Adolescents' reactions to hypothetical peer group conversations: evidence for an imaginary audience?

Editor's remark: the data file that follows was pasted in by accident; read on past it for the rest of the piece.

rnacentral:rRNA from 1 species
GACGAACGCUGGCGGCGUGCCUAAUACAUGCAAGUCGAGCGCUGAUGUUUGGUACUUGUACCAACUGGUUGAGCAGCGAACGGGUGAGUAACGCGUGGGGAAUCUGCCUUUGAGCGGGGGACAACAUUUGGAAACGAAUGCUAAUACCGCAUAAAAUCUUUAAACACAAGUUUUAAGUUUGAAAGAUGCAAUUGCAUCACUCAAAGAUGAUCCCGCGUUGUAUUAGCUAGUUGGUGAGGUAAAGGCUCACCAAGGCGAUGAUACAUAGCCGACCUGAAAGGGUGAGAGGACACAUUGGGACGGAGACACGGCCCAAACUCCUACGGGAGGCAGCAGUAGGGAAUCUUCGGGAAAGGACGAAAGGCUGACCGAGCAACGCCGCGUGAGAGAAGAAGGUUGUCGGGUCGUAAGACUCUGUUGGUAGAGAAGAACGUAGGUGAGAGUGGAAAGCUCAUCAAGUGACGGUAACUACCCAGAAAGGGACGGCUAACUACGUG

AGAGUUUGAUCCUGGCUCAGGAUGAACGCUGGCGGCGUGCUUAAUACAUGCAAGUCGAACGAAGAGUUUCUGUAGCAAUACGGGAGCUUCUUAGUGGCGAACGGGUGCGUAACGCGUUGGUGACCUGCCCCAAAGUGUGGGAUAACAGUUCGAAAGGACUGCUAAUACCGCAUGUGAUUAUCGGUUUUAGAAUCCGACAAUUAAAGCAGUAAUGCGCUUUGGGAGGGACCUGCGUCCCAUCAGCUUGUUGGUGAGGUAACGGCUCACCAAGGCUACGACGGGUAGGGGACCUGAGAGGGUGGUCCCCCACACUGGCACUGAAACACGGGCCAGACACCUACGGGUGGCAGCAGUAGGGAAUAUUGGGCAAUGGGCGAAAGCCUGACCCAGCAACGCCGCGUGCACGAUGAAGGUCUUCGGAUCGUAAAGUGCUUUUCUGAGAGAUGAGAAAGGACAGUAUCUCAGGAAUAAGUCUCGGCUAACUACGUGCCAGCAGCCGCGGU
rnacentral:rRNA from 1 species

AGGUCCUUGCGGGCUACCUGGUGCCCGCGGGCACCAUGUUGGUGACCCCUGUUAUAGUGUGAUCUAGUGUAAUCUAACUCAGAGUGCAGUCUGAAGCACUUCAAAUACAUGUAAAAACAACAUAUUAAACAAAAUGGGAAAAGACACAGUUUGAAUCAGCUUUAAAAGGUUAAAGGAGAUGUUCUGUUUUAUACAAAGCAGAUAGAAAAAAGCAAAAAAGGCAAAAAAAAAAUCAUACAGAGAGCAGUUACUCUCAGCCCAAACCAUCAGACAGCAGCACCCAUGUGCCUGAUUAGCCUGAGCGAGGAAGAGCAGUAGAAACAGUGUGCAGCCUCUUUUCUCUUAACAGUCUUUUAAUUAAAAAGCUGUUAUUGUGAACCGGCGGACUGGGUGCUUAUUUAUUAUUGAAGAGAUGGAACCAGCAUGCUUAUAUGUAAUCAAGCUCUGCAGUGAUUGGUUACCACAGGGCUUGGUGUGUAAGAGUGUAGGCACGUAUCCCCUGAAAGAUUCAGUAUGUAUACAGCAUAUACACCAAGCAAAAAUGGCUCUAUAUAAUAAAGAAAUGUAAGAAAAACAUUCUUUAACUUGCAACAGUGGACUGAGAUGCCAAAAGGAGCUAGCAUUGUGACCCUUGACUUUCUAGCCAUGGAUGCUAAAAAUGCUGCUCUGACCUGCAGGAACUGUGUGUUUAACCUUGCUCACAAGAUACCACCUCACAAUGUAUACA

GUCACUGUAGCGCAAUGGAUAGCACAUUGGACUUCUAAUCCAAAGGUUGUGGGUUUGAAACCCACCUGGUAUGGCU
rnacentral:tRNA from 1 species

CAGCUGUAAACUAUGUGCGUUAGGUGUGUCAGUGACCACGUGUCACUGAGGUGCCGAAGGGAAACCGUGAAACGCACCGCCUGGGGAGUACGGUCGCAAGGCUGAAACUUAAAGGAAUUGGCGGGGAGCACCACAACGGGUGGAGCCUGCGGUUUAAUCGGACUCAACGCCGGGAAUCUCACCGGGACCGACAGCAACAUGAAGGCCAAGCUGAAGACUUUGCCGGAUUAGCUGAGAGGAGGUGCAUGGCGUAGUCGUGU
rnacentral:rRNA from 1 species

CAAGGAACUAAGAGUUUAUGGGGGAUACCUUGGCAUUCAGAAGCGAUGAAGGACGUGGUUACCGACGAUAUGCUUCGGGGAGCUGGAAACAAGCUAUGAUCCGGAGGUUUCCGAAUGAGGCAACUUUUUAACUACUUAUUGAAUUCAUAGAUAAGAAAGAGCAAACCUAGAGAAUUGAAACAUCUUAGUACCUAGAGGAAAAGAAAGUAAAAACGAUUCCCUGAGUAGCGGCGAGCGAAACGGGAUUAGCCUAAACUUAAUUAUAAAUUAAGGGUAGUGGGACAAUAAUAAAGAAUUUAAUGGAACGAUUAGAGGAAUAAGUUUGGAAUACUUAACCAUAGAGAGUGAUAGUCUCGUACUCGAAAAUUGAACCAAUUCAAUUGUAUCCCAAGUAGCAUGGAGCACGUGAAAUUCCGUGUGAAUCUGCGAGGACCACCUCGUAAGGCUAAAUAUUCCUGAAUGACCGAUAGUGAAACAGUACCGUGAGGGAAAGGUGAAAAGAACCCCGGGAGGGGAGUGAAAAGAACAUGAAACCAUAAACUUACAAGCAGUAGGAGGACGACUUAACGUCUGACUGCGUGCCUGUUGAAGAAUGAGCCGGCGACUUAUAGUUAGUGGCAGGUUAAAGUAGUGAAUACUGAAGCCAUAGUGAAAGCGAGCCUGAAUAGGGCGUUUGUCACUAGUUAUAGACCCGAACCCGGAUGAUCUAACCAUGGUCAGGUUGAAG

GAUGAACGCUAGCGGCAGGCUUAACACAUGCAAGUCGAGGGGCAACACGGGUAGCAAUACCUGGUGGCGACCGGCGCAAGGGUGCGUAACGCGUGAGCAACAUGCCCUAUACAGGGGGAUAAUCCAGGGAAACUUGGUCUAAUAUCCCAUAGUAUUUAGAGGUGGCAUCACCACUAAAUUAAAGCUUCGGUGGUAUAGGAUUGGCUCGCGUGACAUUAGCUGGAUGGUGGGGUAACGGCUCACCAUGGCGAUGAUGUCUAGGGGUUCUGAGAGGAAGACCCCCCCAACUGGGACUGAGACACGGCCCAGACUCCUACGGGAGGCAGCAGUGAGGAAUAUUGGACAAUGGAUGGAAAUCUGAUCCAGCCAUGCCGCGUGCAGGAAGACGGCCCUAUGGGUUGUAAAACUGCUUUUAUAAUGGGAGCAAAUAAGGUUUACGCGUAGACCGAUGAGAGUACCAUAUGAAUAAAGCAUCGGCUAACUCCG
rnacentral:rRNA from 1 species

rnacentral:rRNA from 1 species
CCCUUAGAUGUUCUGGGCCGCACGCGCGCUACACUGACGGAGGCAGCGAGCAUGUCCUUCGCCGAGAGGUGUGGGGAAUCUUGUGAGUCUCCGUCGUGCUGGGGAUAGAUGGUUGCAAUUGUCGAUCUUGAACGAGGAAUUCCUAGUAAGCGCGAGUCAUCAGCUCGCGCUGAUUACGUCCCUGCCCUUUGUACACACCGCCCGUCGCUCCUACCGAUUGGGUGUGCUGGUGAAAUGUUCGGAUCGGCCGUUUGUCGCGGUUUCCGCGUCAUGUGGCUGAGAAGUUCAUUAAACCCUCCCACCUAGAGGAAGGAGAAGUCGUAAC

ABSTRACT The theory of adolescent egocentrism holds that early adolescents have a distorted understanding of self-other relations; because of flaws in the traditional methods used to assess adolescent egocentrism, this notion has never received adequate empirical scrutiny. In the present research, the nature of early adolescent social cognition as characterized by that theory was investigated by examining age differences in judgments of hypothetical peer group conversations. In Study 1, children and early adolescents (N = 264) rated the attentiveness, criticalness, and admiration expressed in three conversations, in which the subject or a peer was mentioned in either an admiring, critical, or nonevaluative manner. In Study 2, a similar procedure was used with middle and late adolescents, as well as children and early adolescents (N = 187); two memory tasks were also administered to visit the issue of distortion in social cognition. In Study 3, a new sample (N = 1,019) representing the four age groups from Study 2 was presented with an ambiguous conversation and then asked to interpret who was the target (object of focus) and how that target was regarded. The findings from the three studies do not support the notion that adolescents believe others are attentive to and critical of their every move, or that their social cognition and perception is egocentric and distorted. Conceptual and methodological contributions are discussed, along with directions for additional research.